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Thread: Fill Dirt

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    Newbie Ganesh's Avatar
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    Fill Dirt

    Hi guys,

    My wife and I are getting really close to starting our house build. We are building in a well known moobahn where flooding is not an issue. Our contractor wants us to fill our land with dirt to level it all out and to make our property slightly higher than the street. He said if we only fill in about a meter of dirt than we don't need to worry about leaving it to settle, and can start building on it almost immediately.

    Any thoughts on that? Most everything I read on here says to leave it to settle for a while before building.

    Thanks

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    Quote Originally Posted by Ganesh
    We are building in a well

    Quote Originally Posted by Ganesh
    Any thoughts on that?
    Wetter the devil you know.

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    Days Work Done! Norton's Avatar
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    Quote Originally Posted by Ganesh
    He said if we only fill in about a meter of dirt than we don't need to worry about leaving it to settle, and can start building on it almost immediately.
    Sounds right. Having a few good rains on the fill is good however. Will let it settle a bit. You'll lose a bit to erosion but can replace before building.

    Assuming a typical build, the fill will be bearing no weight when the house is constructed. Footings will be installed about a meter below the original ground level.
    Whenever you find yourself on the side of the majority, it is time to pause and reflect.

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    Quote Originally Posted by Ganesh
    Our contractor wants us to fill our land with dirt to level it all out and to make our property slightly higher than the street. He said if we only fill in about a meter of dirt than we don't need to worry about leaving it to settle, and can start building on it almost immediately.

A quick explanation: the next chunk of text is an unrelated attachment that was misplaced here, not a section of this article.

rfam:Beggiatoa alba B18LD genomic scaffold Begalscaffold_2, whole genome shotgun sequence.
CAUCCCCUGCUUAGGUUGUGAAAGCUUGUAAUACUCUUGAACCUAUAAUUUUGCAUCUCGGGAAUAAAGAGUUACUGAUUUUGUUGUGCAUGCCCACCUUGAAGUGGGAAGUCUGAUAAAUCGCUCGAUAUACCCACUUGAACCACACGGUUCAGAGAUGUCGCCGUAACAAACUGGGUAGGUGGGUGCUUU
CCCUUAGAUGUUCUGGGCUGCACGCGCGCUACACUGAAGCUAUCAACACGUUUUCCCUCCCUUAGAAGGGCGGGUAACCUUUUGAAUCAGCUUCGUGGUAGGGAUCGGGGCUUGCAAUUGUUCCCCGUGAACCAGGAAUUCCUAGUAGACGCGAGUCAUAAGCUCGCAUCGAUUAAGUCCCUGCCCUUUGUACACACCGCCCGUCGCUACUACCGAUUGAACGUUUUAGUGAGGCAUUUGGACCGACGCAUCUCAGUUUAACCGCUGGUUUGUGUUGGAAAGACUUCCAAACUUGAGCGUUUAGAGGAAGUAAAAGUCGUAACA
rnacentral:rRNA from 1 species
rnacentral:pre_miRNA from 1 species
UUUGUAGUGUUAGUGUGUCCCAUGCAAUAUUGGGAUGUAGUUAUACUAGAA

of course you can do that, without building problems

    but the land will settle around the house when the rains come, so don't build any permanent paths or terraces for a while

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    Guest Member S Landreth's Avatar
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    Quote Originally Posted by Ganesh View Post
    Our contractor wants us to fill our land with dirt to level it all out and to make our property slightly higher than the street. He said if we only fill in about a meter of dirt than we don't need to worry about leaving it to settle, and can start building on it almost immediately.
    He is dead wrong and do not let him leave without compacting that material.

    You were right to question his method!

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    Days Work Done! Norton's Avatar
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    Quote Originally Posted by S Landreth
    He is dead wrong and do not let him leave without compacting that material.
    Why? The fill will not be bearing any structural weight. As Andy says, fill needs to compact naturally or by machine so it can support concrete slabs or other structures with no footings but the house itself, no need.

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    Newbie Ganesh's Avatar
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    Thanks for the input. The dirt was delivered today, and it only raised the property about 40cm. They leveled it all out with a tractor, which I suppose helped to compact it to. It will probably be a couple of weeks before we start building, and we will be digging piles into the ground (unsure how deep) so hopefully it will be fine.